Ben: Well, you'd be surprised. I know we've got a few people out there taking cold showers, but yeah, not a lot of people have gone and done what you did. So you were standing in the snow with this guy.
Scott: Yeah. Maybe your listeners are like, “This guy's a wimp.” (laughs) I stand in the snow, and like…
Ben: He's one of those skinny journalists with the tight skinny jeans who is bragging that he stood in the snow.
Scott: Exactly, right? And like five minutes, he's like, “You're just going to stand there for five minutes.” And you get there, and it hurts. It hurts terribly. It is really bad.
Ben: You're in bare feet, right?
Ben: Actually, a little rabbit hole here, sorry to interrupt, but my kids and I were sitting, all of us were sitting around the dinner table last night, and I'm like, “My feet hurt, my toes hurt. I feel like I have snow burns on my feet.” My son River says, “Me too. My feet hurt.” And Terran says, “My feet hurt.” And it turns out that our morning habit since the snow fall has been going out to dip in the hot tub, or the cold pool outside our house, but we run from the front door it's about a hundred yards, and we run in our bare feet through the snow. And all of us right now have skin burns on the bottom of our feet for doing this.
Scott: Oh no!
Ben: So, yes. It's uncomfortable.
Scott: Yeah. That totally can happen. So we stood there for like five minutes and it hurt, like terribly. And then we went into the sauna right afterwards to warm up, and that hurt even worse 'cause your response to the snow is all the veins in your feet will constrict.
Scott: If those muscles, 'cause you've got muscles that line your vasculature, and the only way you ever use those muscles is actually trigger them using environmental stimulus, by using the cold. So they're weak, right? And so just like lifting weights, when you haven't lifted weights before, it hurts a lot. And so it hurt in the snow, and then we went into the sauna, it hurt again when those veins dilated and they relaxed. And that was actually even worse. And Wim was like, “Don't worry. The first time you do this is going to be the worst.” But you know that panic moment where you're like, “I can't take it anymore, that's going to recede”.
And the next day, we do the same thing, we stand in the snow, and I last 10 minutes before I get that same point of where like, “I can't do this anymore.” And the next day we do it again, I'm there for 30 minutes. And the next day, we're there for an hour. And we're chest-bare to the sky, we're just in bathing suits basically, barefoot, and we're just standing in the snow, and I could do an hour before I get to that point where like I have to get inside. And that's just, can you imagine? Three days and that level of progress, it's sort of amazing how quickly the body can adapt to that environment. And we do other things. We go into like snowy, ice-filled rivers and we dunk ourselves in there, and then we meditate on the side of the river, and I'm melting all the snow around because I'm generating so much heat.
Ben: Did you any like self-quantification of your body prior to going and hanging out with Wim and doing these activities? One of the reasons that I asked that is, for example, Wim, when I had him on the show, was talking about how he freakin' injected himself with an endotoxin, I think it was E.coli, and found that a combination of breathing and cold exposure actually enhanced his immune system's response to be able to fight that off. But I'm curious, did you just go and write about this or did you do any tests on your body?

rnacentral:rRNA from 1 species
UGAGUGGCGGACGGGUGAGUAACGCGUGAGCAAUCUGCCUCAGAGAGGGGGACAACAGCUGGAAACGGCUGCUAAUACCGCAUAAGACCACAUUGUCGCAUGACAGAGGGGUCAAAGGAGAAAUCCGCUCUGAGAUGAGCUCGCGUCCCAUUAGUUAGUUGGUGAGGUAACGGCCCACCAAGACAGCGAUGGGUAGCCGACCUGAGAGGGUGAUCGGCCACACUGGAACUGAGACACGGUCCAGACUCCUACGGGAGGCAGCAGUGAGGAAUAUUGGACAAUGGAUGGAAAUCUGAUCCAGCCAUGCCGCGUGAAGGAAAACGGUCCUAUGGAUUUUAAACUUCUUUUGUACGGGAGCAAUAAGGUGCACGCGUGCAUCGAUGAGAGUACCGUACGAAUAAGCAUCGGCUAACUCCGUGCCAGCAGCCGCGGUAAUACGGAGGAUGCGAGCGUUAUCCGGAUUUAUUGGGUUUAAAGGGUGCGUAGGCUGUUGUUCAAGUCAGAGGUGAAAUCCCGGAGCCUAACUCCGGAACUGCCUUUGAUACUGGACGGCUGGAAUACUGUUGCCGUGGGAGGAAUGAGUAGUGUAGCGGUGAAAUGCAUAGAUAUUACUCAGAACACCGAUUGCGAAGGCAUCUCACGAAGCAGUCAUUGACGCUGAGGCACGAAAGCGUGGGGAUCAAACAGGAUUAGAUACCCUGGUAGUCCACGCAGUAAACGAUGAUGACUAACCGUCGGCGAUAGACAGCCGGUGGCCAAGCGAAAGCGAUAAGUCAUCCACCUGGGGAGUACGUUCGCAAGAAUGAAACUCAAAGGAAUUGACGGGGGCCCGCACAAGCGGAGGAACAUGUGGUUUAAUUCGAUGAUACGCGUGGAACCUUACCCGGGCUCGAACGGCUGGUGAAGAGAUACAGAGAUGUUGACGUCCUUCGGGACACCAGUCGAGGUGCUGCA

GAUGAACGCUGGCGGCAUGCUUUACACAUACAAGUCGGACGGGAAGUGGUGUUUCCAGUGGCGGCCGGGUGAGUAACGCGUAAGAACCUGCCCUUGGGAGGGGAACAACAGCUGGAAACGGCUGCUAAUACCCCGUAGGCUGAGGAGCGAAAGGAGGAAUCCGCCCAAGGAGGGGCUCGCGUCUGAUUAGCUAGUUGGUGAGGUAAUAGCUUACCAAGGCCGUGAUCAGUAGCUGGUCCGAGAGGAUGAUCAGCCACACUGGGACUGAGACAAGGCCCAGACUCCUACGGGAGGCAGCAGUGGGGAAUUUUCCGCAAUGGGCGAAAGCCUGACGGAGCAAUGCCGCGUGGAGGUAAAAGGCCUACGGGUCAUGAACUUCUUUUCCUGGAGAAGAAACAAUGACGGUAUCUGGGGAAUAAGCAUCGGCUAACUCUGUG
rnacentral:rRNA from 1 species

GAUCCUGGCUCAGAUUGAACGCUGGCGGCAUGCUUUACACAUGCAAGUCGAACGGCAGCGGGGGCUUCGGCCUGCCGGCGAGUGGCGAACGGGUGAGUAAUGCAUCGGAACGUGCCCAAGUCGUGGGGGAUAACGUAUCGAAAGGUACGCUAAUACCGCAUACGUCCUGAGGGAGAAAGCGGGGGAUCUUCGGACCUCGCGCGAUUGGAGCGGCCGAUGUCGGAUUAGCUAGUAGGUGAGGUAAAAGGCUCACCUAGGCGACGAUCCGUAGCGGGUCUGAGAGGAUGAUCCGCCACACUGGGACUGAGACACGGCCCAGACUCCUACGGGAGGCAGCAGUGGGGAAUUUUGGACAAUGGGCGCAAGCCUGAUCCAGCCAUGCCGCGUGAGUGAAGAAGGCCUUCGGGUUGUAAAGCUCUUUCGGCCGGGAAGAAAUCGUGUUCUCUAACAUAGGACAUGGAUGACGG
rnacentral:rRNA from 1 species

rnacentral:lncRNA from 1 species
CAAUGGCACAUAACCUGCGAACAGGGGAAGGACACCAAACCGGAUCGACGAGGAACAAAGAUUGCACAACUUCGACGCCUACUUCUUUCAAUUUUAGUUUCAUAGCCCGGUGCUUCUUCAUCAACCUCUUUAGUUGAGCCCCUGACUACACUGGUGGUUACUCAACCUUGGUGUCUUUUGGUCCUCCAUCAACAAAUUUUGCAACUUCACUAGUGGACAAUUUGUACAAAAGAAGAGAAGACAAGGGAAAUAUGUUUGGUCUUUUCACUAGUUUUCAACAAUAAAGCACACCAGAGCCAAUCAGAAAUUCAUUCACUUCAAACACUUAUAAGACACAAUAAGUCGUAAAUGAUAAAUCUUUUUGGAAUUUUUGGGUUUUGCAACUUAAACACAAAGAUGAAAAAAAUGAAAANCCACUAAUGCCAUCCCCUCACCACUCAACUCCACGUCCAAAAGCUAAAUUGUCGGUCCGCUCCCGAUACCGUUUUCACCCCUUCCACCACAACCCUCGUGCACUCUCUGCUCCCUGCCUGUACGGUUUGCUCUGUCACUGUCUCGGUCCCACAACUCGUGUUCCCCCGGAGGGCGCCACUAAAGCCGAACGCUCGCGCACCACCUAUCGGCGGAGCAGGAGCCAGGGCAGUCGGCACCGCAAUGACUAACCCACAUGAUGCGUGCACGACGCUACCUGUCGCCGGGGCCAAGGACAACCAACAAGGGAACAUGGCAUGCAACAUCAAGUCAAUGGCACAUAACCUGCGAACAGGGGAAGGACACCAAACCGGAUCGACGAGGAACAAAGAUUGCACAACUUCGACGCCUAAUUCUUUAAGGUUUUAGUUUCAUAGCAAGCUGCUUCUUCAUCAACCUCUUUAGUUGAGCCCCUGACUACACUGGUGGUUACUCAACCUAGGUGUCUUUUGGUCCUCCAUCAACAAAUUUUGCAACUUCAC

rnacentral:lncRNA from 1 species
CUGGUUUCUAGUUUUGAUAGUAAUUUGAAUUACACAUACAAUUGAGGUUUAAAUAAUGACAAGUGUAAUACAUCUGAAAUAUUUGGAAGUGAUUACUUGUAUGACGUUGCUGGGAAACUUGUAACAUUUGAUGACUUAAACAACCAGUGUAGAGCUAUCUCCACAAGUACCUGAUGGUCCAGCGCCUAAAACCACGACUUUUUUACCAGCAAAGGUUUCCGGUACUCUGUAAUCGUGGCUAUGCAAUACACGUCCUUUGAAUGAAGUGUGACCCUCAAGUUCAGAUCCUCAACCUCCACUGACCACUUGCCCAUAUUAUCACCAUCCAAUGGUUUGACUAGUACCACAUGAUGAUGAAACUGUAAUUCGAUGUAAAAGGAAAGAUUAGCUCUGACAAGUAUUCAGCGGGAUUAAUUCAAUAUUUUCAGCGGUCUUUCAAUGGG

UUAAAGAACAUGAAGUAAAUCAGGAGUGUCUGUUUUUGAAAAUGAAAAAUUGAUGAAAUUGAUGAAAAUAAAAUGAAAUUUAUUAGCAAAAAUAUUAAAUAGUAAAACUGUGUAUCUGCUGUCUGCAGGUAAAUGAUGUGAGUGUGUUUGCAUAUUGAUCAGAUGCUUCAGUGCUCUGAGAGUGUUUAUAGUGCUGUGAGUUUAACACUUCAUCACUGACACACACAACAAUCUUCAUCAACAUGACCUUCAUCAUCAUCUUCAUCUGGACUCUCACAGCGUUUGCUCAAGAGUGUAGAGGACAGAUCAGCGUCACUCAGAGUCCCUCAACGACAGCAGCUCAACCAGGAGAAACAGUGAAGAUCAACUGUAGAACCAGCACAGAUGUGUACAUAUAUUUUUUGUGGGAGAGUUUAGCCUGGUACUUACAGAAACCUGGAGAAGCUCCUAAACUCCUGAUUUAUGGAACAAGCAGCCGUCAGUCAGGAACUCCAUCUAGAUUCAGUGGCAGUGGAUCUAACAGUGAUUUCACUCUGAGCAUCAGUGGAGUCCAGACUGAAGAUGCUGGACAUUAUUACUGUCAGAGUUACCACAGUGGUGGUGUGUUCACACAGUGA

Scott: I wasn't expecting to do the training with them, so at that point, I hadn't done sort of a before and after test. Now later as I get into writing the book, I did do that a lot more. I think we'll get to that a little later in the show, but at this point, what I'm seeing is, just so you know, I knew how many push-ups I could do, I knew how long I could hold my breath, and what I was seeing is that these were like doubling and tripling the amount of time really rapidly. And I also knew what my weight was. And at the end of the trip, I ended up training with him. I ended up hiking up this, basically a ski slope in Poland. Now it was in the middle of, I think we were there in January. So you know this is the winter that stopped Hitler's army. And going up the ski slope bare-chested, all I have is boots and a bathing suit, and maybe a hat on, and it takes eight hours, and then I think at the top of the mountain, we're talking about 2 degrees Fahrenheit. So really, really cold.
Ben: Oh, wow. Yeah.
Scott: And the whole time, I'm sweating. Like the whole time I'm going up this mountain, I'm sweating. And there were skiers coming down who were like doing double takes, and someone on a snowboard actually fell down. I was like, “Oh my god! Look at these people.” And the whole group is like burning up, because what we had learned is that the body is designed to be able to handle extreme environments. Like we evolved over, our species is 200,000 years old. You're genetically identical to this caveman 200,000 years ago. And we've only had like modern conveniences, like super awesome wool garments, and weatherproof whatever, and modern heating for like 75 years, maybe a hundred and so years. Like that's nothing…
Ben: Right. The ability to be constantly warm. I mean it's not like our ancestors would've walked around naked in the snow, right? At least like not as a habit.